I didn’t know Lanie Kruszewski. But I really wish I had.
A memorial service was held for her on Aug. 3; mourners packed the auditorium of Maggie Walker Governor’s School, where Lanie had attended high school. Even though I arrived just a few minutes late, I was obliged to stand in the lobby, for the seats and the standing room inside the auditorium had been occupied, I surmised, long before. Even so, I couldn’t miss the many stories told of a remarkable and memorable young woman.
I write fiction, and it occurred to me that her friends were describing a true heroine, someone culled from a vivid imagination. I already knew that Lanie was fiercely intelligent and a gifted athlete. But as I stood there listening, Lanie took shape before me, as an intriguing character of literature might.
She was a culinary school-trained foodie with a penchant for bacon, lavender ice cream, ear-shaped cookies and fresh ingredients, and moreover, she liked to share. She possessed a sassy spirit, with the wit to carry it off. She didn’t have a driver’s license or a car, preferring the freedom and earth-friendliness of a bike. She touched people of all walks of life with her positivity and joie de vivre. She had great legs. She knew who she was, even at the age of 24.
Lanie also enjoyed reading. And this doesn’t surprise me in the least, for I know her mother Patty. I’m not sure if it was when my firstborn was still in the womb or right after his birth when Patty gave me The Read-Aloud Handbook by Jim Trelease. The book touts the importance of reading aloud to children, basically from the moment of conception straight through the high school years. And knowing Patty and her mothering ways, I took it to heart, feeling guilty if I ever missed even one day of read-alouds.
I have always looked up to Patty, both as a mother and a writer. And these words that we both admire, the written thoughts that we endeavor to put to the page, have failed me in the face of this tragedy. There is only a gaping white silence in which words float as aimlessly as dandelion fluff.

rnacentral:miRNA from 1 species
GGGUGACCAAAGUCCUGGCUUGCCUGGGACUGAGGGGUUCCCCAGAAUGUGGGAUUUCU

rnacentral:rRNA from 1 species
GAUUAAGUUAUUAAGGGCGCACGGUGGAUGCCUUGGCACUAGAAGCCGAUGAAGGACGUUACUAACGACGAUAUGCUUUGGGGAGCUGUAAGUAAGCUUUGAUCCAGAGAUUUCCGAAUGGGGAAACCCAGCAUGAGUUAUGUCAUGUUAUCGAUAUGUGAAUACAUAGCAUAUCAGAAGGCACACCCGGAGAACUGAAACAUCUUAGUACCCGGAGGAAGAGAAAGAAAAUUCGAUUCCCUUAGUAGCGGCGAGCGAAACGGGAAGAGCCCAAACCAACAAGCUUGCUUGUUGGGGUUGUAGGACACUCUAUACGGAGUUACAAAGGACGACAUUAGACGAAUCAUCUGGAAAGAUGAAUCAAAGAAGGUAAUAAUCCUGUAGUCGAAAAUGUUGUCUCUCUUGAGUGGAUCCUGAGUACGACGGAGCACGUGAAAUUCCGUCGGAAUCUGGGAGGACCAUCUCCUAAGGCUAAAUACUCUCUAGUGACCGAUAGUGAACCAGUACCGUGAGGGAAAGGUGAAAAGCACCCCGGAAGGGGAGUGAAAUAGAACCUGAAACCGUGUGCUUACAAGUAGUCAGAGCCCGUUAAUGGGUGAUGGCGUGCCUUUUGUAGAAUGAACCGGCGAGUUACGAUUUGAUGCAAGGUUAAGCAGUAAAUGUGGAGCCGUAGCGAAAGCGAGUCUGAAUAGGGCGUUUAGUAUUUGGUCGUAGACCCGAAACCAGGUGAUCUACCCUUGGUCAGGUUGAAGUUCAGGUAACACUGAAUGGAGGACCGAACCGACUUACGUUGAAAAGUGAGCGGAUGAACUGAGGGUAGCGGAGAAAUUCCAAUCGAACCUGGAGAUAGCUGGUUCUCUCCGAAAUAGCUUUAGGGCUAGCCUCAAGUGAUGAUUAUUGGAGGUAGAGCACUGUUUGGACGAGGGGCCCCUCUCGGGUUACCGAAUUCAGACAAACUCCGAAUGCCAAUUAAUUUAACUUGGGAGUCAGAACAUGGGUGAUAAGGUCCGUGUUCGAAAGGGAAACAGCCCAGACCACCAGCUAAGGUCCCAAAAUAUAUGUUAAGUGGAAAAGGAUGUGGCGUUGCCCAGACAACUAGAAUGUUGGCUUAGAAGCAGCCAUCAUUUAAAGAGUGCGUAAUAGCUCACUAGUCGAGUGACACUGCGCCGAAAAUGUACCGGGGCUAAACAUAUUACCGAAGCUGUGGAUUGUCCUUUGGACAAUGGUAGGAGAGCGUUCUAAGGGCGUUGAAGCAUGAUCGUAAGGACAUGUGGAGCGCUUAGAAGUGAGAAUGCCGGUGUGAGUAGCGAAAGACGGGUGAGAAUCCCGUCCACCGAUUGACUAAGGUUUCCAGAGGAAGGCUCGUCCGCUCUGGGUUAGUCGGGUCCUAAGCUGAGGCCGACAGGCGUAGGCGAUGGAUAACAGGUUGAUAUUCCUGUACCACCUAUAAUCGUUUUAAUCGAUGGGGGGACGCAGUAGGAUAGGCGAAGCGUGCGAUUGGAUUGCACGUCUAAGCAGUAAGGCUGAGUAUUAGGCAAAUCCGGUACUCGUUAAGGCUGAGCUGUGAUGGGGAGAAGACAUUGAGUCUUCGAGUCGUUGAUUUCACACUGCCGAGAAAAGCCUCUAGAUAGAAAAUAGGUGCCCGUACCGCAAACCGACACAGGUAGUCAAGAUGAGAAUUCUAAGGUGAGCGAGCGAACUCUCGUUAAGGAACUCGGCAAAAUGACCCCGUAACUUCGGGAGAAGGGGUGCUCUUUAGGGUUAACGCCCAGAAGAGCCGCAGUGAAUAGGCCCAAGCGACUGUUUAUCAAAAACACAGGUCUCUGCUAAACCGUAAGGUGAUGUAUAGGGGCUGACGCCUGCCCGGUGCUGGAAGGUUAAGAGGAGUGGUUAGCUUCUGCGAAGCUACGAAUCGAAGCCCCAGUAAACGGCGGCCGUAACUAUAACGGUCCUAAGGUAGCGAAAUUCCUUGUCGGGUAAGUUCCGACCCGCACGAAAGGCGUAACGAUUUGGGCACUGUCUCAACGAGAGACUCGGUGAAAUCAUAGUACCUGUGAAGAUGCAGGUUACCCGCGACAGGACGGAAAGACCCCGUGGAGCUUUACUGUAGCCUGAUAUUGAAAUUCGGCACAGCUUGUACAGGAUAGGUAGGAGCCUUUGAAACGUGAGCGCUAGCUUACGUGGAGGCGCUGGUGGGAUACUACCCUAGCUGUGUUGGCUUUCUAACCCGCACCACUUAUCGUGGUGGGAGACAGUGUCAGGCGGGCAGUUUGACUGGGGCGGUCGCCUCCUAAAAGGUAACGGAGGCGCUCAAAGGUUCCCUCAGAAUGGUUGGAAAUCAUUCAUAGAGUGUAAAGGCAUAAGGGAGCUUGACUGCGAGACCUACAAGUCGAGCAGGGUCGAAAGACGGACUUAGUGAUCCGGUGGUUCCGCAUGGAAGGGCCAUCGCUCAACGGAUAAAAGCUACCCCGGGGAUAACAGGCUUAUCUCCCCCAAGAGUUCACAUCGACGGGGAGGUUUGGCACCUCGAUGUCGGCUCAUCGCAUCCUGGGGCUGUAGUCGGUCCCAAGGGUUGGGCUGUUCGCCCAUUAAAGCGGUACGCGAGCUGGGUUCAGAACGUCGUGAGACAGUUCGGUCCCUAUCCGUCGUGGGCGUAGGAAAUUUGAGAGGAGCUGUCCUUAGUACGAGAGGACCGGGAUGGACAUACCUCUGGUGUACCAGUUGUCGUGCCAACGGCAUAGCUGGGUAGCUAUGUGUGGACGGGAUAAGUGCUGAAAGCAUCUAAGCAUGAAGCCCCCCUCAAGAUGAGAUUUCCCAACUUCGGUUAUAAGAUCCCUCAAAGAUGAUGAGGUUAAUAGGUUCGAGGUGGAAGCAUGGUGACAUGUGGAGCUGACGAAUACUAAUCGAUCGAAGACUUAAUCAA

Often in the face of grief, I turn to the escape of reading. During the memorial service, I learned that Lanie was a Harry Potter fan, to put it mildly. I too am quite the Harry Potter fan. Patty would be proud to know that I read all of the Harry Potter books to my firstborn. Years of his formative childhood were spent reading to him about the enduring friendships of child wizards, their school Hogwarts, and the battle between good and evil. When we finished the seventh and final installment, we both experienced a sort of mourning period. What book would ever match such brilliance?
Such grief isn’t an unusual emotion for me at the completion of novels. I get attached to the characters; I want them to live forever within the bound pages of the book, so that all I have to do is just pick it up again to find out what happens next. When I finished writing my first novel, I couldn’t let my characters go. And now, I am almost done with the sequel. What next? I ask myself. I hate to contemplate moving on, for I fear their stories aren’t yet finished.
But books aren’t meant to go on indefinitely. They are exquisitely brief, like lavender ice cream and chocolate-covered bacon, and unfortunately, life itself. And yet, the best heroines inspire us and bring out the best in us. They live on inside us, even after their stories end.
Lanie’s life was brutally taken from us. Unfairly, her story ended before its time. But it doesn’t matter to those whose lives she touched.
We will continue to turn her pages, because I, for one, have decided to embrace each day as Lanie did. And I will encourage everyone around me to do the same—to not be afraid to peel back life’s flimsy plastic covering and reveal the mysterious, to travel where their legs can take them, to enthusiastically sample the juicy and fresh and untried, to read, to be kind and share and make a difference.